Another cruelly ironic contributing factor is higher pet adoption rates in 2020. "Everyone is wanting dogs right now because of the pandemic. Everyone wants a buddy at home with them," Prior said. "So, what we find is this massive movement of rescue animals to meet that need, but these rescue animals often are not being tested or treated before they are adopted out. That sometimes contributes to what we're seeing."
But by far the biggest contributors to the problem are pet owners who are lax in cleaning up after their dog.
According to the U.S. Environmental Protection Agency, 40% of dog owners let the chips fall where they may, a growing trend that's wreaking havoc in public areas and especially dog parks.
The council cites studies showing more than 1 in 4 fecal samples collected in dog parks nationwide contained gastrointestinal parasites. "There was a study done worldwide years ago," Prior said. "When they looked at the U.S., they're looking at parasitic contamination of soil, and they didn't look at dog parks. They looked at just beaches, common areas, bikeways, greenways, general parks, and they found that 14.9% of all soil samples taken were contaminated by parasitic elements.
"There was a dog park study done last year and what they found was 1 in 5 dogs were positive for parasites and 80% of all the dog parks were contaminated with parasitic elements.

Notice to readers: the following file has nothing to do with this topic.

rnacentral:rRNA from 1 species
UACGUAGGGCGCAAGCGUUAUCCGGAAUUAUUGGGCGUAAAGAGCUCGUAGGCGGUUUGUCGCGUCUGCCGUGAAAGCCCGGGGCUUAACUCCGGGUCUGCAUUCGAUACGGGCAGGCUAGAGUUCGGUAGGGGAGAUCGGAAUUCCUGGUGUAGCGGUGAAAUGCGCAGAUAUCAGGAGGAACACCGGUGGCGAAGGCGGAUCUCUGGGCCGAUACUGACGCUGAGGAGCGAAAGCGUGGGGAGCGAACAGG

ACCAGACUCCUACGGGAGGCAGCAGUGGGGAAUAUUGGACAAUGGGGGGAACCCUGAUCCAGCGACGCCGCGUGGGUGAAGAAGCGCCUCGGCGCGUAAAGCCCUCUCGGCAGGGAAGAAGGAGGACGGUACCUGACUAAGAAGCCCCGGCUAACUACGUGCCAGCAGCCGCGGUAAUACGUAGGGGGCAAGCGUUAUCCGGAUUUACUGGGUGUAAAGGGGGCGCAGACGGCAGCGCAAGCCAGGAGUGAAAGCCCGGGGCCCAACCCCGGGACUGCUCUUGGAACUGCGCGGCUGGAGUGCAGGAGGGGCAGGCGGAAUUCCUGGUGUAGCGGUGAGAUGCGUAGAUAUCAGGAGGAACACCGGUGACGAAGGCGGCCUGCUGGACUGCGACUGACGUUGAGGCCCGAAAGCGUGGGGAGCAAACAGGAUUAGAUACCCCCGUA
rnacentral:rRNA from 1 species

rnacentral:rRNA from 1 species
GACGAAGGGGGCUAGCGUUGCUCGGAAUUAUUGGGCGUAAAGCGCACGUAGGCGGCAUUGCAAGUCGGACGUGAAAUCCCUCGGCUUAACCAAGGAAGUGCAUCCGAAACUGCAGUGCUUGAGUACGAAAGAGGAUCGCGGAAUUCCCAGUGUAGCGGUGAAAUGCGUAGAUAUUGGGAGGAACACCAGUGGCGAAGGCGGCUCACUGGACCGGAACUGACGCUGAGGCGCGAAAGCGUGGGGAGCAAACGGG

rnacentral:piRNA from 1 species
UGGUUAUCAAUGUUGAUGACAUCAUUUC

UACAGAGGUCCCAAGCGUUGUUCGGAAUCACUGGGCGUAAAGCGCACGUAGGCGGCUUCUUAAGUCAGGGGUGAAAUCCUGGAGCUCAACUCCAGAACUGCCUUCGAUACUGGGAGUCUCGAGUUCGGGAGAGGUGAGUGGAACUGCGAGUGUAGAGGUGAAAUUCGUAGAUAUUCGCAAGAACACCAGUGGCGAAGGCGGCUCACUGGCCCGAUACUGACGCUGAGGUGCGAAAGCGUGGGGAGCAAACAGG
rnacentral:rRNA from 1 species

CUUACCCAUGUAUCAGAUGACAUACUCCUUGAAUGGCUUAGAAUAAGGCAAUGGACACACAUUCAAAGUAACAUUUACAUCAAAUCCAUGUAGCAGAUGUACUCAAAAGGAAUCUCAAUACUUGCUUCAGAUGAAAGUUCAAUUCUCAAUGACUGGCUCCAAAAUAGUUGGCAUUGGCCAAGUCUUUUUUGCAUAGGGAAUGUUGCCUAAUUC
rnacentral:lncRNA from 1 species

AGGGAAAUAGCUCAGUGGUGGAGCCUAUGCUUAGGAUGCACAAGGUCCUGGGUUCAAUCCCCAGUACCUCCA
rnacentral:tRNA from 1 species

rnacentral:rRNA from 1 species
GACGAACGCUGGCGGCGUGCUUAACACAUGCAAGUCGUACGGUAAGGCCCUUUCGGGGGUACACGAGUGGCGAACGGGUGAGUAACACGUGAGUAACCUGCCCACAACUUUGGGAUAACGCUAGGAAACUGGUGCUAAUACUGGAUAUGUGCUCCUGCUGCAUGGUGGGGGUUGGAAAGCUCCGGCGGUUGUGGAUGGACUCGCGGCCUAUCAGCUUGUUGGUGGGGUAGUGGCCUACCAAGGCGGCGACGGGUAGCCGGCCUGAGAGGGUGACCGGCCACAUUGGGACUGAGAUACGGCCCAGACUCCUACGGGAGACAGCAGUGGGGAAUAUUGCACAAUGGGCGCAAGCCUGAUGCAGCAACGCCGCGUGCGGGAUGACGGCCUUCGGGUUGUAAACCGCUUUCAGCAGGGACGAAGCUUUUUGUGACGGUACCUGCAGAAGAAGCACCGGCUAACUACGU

"So, your dog parks are ideal places, if you want your dogs to come down with parasites.
"The problem with dog parks is that if you take your dog to a boarding facility, veterinary facility, daycare facility, they have to be up-to date-on immunizations. They have to be free of internal and external parasites. Dog parks have no expectation of anything. Anyone can take any dog to the dog park. That's one of the big areas where we're seeing this problem and where we're getting more parasites showing up."
PARKS AREN'T DOG POTTIES
Ernie Moix, horticulturist with Little Rock Parks and Recreation, said many locals display a play-it-where-it-lies attitude at the city's two designated dog parks, located inside Murray and MacArthur parks.
"In the dog parks per se, I don't think the people know to pick up the dog poop. I think they're pretty well leaving it," he said. "The dog parks are fenced-in areas, they've got a large and small dog park in two different areas. As far as I've seen, they don't do a whole lot of picking up in there. It's kind of the attitude, 'That's what they're there for.'"